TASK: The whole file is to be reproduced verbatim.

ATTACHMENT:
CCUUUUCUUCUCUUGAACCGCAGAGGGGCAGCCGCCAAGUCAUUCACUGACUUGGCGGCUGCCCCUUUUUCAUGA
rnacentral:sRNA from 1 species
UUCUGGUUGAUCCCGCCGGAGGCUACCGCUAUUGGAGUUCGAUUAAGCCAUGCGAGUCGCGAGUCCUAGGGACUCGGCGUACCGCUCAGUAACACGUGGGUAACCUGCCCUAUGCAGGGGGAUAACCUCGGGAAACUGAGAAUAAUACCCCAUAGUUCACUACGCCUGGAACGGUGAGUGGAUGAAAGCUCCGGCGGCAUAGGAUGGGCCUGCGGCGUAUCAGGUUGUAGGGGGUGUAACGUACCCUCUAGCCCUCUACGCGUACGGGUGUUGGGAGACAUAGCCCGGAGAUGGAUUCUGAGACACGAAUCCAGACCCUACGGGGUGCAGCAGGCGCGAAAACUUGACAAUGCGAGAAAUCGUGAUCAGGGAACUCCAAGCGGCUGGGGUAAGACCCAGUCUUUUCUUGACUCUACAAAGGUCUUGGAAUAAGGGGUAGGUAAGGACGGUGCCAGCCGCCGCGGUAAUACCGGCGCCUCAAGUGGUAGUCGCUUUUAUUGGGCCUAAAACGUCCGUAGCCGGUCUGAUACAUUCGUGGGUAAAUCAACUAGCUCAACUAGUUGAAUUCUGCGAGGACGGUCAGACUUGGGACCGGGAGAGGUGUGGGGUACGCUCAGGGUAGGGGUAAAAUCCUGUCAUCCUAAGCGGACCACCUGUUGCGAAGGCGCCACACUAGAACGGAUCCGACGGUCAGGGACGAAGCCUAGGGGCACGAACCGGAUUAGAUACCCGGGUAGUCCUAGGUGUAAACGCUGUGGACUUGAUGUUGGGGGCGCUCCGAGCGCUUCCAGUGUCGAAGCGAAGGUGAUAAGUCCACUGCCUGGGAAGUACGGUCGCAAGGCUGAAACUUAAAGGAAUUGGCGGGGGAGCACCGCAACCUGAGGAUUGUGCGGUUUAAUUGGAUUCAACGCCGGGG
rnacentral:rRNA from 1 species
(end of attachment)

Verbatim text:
CCUUUUCUUCUCUUGAACCGCAGAGGGGCAGCCGCCAAGUCAUUCACUGACUUGGCGGCUGCCCCUUUUUCAUGA
rnacentral:sRNA from 1 species
UUCUGGUUGAUCCCGCCGGAGGCUACCGCUAUUGGAGUUCGAUUAAGCCAUGCGAGUCGCGAGUCCUAGGGACUCGGCGUACCGCUCAGUAACACGUGGGUAACCUGCCCUAUGCAGGGGGAUAACCUCGGGAAACUGAGAAUAAUACCCCAUAGUUCACUACGCCUGGAACGGUGAGUGGAUGAAAGCUCCGGCGGCAUAGGAUGGGCCUGCGGCGUAUCAGGUUGUAGGGGGUGUAACGUACCCUCUAGCCCUCUACGCGUACGGGUGUUGGGAGACAUAGCCCGGAGAUGGAUUCUGAGACACGAAUCCAGACCCUACGGGGUGCAGCAGGCGCGAAAACUUGACAAUGCGAGAAAUCGUGAUCAGGGAACUCCAAGCGGCUGGGGUAAGACCCAGUCUUUUCUUGACUCUACAAAGGUCUUGGAAUAAGGGGUAGGUAAGGACGGUGCCAGCCGCCGCGGUAAUACCGGCGCCUCAAGUGGUAGUCGCUUUUAUUGGGCCUAAAACGUCCGUAGCCGGUCUGAUACAUUCGUGGGUAAAUCAACUAGCUCAACUAGUUGAAUUCUGCGAGGACGGUCAGACUUGGGACCGGGAGAGGUGUGGGGUACGCUCAGGGUAGGGGUAAAAUCCUGUCAUCCUAAGCGGACCACCUGUUGCGAAGGCGCCACACUAGAACGGAUCCGACGGUCAGGGACGAAGCCUAGGGGCACGAACCGGAUUAGAUACCCGGGUAGUCCUAGGUGUAAACGCUGUGGACUUGAUGUUGGGGGCGCUCCGAGCGCUUCCAGUGUCGAAGCGAAGGUGAUAAGUCCACUGCCUGGGAAGUACGGUCGCAAGGCUGAAACUUAAAGGAAUUGGCGGGGGAGCACCGCAACCUGAGGAUUGUGCGGUUUAAUUGGAUUCAACGCCGGGG
rnacentral:rRNA from 1 species